However even pianos that look like they will never break need some fixing from time to time. Nothing can resist time, main things that break in a piano are keys, strings and after a long period of time the paint will start to come off. Constant care will slow the process, but if the piano is used all the time and moved around, then sooner or later something will give.

Today, some excellent old pianos are not being used because they have been worn out. Since it happens so slowly, this frequently goes unnoticed. In many cases the restoration of a really old piano is so costly and time consuming that it’s easier to just leave it in a corner and buy a new one than deal with it.

A few professionals have what it takes to rebuild such instruments to their old state. This type of work is called remaking, restoring, or reconditioning.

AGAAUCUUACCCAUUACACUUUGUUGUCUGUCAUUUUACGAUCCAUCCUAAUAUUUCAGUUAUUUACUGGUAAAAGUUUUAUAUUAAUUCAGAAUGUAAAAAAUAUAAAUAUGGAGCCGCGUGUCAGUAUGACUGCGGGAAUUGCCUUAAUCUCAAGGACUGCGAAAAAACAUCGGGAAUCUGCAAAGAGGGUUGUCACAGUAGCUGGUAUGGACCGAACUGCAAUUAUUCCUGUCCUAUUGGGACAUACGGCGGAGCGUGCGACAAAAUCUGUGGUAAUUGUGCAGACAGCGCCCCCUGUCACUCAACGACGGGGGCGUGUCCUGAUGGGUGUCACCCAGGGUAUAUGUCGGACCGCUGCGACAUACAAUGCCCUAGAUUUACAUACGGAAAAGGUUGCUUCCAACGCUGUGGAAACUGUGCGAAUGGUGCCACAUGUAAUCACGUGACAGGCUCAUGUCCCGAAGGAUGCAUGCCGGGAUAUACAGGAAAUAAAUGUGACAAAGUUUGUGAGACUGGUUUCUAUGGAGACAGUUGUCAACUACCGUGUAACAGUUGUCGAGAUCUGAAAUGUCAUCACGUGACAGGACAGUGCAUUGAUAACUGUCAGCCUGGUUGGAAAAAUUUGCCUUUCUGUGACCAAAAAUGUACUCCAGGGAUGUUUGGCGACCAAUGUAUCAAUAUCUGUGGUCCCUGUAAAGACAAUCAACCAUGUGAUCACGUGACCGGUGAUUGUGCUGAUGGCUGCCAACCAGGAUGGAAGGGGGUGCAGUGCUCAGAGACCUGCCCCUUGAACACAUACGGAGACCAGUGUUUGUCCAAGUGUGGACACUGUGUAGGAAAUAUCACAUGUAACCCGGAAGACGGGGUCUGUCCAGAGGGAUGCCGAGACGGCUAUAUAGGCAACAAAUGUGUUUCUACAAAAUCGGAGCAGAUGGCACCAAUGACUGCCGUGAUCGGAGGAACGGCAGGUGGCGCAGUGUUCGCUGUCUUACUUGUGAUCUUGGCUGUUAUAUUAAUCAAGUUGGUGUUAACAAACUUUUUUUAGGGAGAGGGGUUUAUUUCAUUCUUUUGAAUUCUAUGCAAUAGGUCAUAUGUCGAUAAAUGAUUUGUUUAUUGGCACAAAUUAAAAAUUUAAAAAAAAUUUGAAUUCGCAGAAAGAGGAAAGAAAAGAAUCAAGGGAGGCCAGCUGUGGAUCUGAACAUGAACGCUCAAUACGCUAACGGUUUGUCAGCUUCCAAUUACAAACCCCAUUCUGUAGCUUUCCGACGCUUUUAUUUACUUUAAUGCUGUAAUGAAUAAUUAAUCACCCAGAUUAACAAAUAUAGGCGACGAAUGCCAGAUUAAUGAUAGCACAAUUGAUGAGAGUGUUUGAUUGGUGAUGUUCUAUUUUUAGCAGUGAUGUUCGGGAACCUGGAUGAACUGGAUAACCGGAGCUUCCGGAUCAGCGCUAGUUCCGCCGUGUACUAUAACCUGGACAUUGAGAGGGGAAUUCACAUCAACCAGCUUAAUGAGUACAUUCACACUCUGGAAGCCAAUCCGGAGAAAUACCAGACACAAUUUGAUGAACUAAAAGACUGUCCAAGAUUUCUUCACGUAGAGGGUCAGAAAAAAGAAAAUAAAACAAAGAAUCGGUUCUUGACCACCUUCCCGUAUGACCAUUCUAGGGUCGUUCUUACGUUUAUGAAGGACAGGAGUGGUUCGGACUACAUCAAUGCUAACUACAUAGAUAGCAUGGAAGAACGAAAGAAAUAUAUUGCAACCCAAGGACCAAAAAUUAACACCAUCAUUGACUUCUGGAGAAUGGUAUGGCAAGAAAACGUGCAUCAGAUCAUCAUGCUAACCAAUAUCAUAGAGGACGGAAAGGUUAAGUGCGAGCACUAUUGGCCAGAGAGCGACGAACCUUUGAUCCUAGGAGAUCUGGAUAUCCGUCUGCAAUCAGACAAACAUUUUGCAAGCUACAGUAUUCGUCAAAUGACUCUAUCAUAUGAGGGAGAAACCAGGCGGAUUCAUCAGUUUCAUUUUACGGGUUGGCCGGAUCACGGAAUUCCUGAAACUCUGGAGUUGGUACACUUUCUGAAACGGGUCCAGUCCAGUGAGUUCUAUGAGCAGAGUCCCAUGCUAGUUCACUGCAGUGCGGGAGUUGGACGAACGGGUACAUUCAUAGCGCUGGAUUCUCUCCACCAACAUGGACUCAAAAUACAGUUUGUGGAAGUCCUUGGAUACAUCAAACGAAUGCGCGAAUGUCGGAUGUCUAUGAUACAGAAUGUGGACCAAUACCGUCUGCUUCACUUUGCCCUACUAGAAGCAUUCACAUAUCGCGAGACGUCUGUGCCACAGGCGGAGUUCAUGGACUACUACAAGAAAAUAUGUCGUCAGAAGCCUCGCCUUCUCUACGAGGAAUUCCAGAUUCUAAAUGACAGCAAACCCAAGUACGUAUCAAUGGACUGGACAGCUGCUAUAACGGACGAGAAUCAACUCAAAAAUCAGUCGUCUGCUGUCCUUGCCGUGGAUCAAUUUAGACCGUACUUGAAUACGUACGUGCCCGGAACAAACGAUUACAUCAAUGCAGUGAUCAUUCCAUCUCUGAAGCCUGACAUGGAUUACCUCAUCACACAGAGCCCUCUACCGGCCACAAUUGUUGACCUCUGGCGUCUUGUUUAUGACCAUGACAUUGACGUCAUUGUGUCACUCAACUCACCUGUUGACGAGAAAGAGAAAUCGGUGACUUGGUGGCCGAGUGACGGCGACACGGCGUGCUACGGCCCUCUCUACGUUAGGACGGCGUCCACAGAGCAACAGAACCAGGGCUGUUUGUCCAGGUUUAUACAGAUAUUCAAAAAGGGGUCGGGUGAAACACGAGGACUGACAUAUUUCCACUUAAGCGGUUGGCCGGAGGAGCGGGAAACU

Reconditioning

Reconditioning is the procedure of returning a piano to its old condition by restoring the paint, fixing, and replacing the parts that are only 100% needed to replace. This is most suitable for a piano with not much wear or pianos that don’t cost very much.

Reconditioning does not include changing important parts e.g. the bigger parts in the piano like for example soundboard. Reconditioning is not the same as rebuilding, it’s just making your working, but old piano play and look like back in the old days.

Remaking

Remaking is the process where the old piano is rebuilt to its original form. It includes replacing any or all the parts that are damaged or old, redoing the paint job or getting all new original parts for the insides of the piano. There are two types of rebuild, a full rebuild that includes changing everything and a half rebuild that includes changing only inside or the outside of the piano.

This process can return an old piano to an even better state that before and is usually performed on antique pianos and the cost of such procedure is quite costly and time consuming.